I teach an IT ethics course at Stony Brook University for the Department of Computer Science twice a year. When researching how ethics is taught at the university level, I discovered role playing invites students to imagine how different actors might think about and react to varying scenarios. I was intrigued by the prospect of having an activity where students have to imagine the perspectives of others when confronted with an ethical dilemma. Furthermore, I was eager to have an activity where students could visualize the outcomes of a sequence of choices, much like a decision tree.
Comic-BEE was just the application I was looking for. For the midterm my students research an ethical dilemma, identify stakeholders, policy options, and trade-offs; and prepare a report. Based on their research, they develop a lesson plan in Comic-BEE as an addendum to the research report. The Comic-BEE lesson plan forms the basis for a branching story comic the students develop in teams of two. Typically one student assumes the role of writer, and the other the role of designer/artist.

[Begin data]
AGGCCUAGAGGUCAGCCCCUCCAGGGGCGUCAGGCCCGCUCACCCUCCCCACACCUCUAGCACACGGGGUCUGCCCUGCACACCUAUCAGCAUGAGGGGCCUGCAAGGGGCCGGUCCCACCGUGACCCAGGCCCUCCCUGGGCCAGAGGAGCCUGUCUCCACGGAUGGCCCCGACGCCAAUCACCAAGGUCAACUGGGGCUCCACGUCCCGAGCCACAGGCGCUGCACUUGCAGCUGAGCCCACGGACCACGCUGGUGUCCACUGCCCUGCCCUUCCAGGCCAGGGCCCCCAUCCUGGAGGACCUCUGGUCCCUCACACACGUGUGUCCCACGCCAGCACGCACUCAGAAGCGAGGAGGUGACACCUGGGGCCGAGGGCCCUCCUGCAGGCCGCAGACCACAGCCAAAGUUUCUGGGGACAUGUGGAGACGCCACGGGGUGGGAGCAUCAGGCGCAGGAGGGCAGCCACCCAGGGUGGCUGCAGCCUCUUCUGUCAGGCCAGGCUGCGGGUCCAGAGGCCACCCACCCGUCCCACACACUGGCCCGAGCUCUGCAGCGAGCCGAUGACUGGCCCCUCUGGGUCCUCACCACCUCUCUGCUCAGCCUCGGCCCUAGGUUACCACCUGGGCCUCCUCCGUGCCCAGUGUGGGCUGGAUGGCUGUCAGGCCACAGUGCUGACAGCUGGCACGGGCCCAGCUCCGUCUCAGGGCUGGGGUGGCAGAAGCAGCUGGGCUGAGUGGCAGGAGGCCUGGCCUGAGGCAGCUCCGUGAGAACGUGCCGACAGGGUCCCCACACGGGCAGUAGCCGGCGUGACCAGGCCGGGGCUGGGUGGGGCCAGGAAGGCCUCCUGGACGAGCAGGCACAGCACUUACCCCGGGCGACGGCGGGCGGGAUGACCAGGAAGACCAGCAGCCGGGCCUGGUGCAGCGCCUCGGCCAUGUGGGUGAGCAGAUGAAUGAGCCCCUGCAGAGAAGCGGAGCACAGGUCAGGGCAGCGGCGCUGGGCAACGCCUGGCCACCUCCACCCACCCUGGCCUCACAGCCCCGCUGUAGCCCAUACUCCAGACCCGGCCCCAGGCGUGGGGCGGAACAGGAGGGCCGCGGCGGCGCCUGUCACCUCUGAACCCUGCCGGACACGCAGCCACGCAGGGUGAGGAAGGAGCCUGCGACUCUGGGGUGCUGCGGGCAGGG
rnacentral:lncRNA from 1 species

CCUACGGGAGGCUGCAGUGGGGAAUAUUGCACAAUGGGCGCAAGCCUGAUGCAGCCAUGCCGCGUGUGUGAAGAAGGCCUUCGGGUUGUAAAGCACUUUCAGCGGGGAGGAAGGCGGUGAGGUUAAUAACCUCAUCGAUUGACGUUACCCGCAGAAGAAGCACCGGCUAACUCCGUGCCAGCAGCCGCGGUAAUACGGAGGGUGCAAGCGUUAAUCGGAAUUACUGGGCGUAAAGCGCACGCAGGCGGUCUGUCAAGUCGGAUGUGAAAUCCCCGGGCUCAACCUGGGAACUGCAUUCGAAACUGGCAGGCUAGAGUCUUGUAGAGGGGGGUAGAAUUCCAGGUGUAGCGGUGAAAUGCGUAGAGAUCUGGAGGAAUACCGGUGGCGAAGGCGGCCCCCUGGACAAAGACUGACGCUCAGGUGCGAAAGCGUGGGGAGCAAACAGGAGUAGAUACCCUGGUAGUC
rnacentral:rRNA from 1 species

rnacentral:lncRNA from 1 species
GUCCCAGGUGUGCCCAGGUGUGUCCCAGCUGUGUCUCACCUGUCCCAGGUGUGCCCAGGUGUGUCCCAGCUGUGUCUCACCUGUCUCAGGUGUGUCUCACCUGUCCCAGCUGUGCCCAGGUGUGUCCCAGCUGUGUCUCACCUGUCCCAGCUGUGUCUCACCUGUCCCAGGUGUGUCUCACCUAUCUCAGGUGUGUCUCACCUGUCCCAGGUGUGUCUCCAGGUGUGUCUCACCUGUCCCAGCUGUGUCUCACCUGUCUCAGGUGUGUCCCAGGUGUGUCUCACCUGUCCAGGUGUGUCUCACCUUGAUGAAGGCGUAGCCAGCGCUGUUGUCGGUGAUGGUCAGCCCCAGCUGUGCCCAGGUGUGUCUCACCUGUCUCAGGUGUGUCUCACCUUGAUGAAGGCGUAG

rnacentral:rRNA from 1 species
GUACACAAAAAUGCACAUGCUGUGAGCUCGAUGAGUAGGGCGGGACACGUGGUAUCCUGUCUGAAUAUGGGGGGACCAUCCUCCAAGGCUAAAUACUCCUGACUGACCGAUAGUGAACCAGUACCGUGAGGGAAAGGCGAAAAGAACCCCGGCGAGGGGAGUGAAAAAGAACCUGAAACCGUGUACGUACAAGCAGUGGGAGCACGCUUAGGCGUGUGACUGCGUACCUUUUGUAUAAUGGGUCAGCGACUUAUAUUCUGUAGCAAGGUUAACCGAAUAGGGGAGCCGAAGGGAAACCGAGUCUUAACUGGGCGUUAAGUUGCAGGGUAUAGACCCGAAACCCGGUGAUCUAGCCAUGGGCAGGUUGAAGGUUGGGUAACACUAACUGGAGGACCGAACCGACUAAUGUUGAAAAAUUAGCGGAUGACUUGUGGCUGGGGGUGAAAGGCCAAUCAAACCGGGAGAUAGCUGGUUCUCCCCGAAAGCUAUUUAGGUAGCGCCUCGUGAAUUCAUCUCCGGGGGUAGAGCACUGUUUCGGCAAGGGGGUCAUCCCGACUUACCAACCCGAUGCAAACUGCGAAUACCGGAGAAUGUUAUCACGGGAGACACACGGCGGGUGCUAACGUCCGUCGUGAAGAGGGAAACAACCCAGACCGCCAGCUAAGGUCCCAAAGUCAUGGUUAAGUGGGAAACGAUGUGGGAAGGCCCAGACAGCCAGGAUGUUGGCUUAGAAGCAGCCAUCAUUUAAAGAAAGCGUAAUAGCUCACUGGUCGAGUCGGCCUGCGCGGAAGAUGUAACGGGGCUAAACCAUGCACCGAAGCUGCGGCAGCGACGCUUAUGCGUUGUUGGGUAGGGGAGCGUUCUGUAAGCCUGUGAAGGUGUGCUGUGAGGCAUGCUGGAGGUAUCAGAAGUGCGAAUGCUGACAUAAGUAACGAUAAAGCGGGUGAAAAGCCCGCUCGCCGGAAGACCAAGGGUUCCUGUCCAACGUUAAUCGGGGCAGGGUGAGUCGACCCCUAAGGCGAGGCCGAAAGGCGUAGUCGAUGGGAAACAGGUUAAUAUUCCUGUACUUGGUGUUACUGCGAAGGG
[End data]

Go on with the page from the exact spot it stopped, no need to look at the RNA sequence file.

It is gratifying to see how user-friendly the application is and how each step in the process seamlessly integrated with subsequent steps. From the lesson plan to the script, from the storyboard to the final comic/branching story, both reflection and interactive storytelling was facilitated. My engineering students are not artists any more than they are actors, but they really enjoyed the assets and design tools in Comic-BEE. In student course evaluations, the Comic-BEE assignment was regularly cited as the most enjoyable and rewarding. The software proved to be reliable and error-free across multiple platforms, which has allowed us to create a showcase of student work we can leverage in future semesters.
The use of comics to affect social change is well documented. Thanks to Comic-BEE my ethics students are able to explore this powerful narrative medium as they engage with the many sides of ethical dilemmas.